By VIVIAN SALAMA, Associated Press
BAGHDAD (AP) — The immolation of a Jordanian pilot by the Islamic State group has brought a unified outcry Friday from top religious clerics across the Muslim world — including a prominent jihadi preacher — who insisted the militants have gone too far.
Abu Mohammed al-Maqdesi, considered a spiritual mentor for many al-Qaida militants, said the killing of Lt. Muath al-Kaseasbeh is “not acceptable in any religion.” He spoke in an interview with Jordan’s Roya TV a day after being released from more than three months in detention.
At Friday prayers in neighboring Iraq, where the militant group has seized territory in a third of the country, top Shiite cleric Ayatollah Ali al-Sistani declared in a sermon that the “savage” act demonstrates the extremists know no boundaries and violate “Islamic values and humanity.”
Religious groups, often at odds with one another over ideologies or politics, are increasingly speaking out in unison against the militants, who continue to enforce their rule in Iraq and Syria through massacres, kidnapping, forced marriages, stonings and other acts of brutality.
Iranian Shiite cleric Ayatollah Mohammad Emami Kashani claimed in his sermon that militant groups like the Islamic State are created by Western nations as a means for promoting “an ugly picture of Islam.”
Earlier this week, Islamic State militants released a video of al-Kaseasbeh, a Muslim, being burned to death in a cage. While the beheading of hostages from the U.S., Britain and Japan brought condemnation from most religious sects within Islam, the gruesome images of the airman’s slaying served as a unifying battle-cry for Muslims across the world.
Jordan joined a U.S.-led military coalition against the militants in September, but said it would intensify its airstrikes in response to the killing of its air force pilot. On Thursday, dozens of fighter jets struck Islamic State weapons depots and training sites, Jordan’s military said.
Outrage escalated in the capital of Amman following Friday prayers, with demonstrators unfurling a large Jordanian flag and holding up banners supporting King Abdullah II’s pledge for a tough military response to avenge al-Kaseasbeh’s death.
“We all stand united with the Hashemite leadership in facing terrorism,” one banner read.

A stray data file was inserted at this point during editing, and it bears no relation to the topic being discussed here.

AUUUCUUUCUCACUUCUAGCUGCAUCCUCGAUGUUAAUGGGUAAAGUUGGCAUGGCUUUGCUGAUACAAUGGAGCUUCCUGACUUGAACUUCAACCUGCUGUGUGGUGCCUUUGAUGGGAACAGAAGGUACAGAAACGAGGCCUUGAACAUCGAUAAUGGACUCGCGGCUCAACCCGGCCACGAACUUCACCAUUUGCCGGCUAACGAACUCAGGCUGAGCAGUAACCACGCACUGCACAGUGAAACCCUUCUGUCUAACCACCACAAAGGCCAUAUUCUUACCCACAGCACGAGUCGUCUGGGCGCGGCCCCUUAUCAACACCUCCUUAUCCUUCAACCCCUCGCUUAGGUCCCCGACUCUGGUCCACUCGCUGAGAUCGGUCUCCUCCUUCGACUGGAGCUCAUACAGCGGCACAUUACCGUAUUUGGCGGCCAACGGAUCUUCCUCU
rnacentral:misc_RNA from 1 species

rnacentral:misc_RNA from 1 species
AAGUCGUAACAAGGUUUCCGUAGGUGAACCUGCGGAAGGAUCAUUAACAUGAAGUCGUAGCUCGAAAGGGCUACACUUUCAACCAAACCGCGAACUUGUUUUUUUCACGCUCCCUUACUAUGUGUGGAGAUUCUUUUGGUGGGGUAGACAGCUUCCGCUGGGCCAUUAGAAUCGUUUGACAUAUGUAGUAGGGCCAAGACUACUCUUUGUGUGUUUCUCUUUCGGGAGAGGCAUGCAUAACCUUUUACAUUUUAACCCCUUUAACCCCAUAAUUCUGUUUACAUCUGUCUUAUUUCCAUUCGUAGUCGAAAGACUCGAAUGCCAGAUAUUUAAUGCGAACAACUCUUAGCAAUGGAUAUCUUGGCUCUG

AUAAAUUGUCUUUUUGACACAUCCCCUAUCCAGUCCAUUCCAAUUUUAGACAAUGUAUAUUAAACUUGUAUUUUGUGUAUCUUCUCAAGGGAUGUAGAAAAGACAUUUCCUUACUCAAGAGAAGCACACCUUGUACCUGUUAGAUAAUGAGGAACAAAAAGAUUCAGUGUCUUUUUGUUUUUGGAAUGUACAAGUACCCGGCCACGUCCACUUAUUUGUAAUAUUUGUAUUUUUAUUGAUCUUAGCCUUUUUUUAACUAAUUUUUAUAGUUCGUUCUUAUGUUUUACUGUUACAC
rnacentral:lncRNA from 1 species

It is unusual to see such a unified response from religious institutions, because moderate camps often represent drastically different views to those of hard-line minority groups. The recent attacks on journalists at the French satirical weekly Charlie Hebdo, for instance, brought a range of responses in the Muslim world, with many condemning the death of innocent people but disagreeing on whether the publication crossed the line in its caricatures of the Prophet Muhammad.
The Sept. 11 attacks in the United States spurred a hint of celebration and praise from anti-American radical groups, including al-Qaida, the group behind the hijackings, but condemnation from moderate Islamic factions. Now, even al-Qaida has grown more outspoken against the Islamic State group, which originally was an al-Qaida offshoot in Iraq. That criticism has left the IS extremists in an increasingly isolated position.
Even clerics aligned with the Islamic State group are said to be speaking out against the pilot’s killing. Rami Abdurrahman, who heads the Britain-based Syrian Observatory for Human Rights, said extremists dismissed one of its religious officials in Aleppo province after he objected to how the Jordanian pilot was put to death.
The religious official, a Saudi cleric known as Abu Musab al-Jazrawi, said during a meeting that such killings contradict the teachings of the Prophet Muhammad, Abdurrahman said. Other clerics in the meeting in the northern town of Bab began a verbal attack against the Saudi cleric, who was later sacked and referred to a religious court, he said. The incident could not be confirmed independently.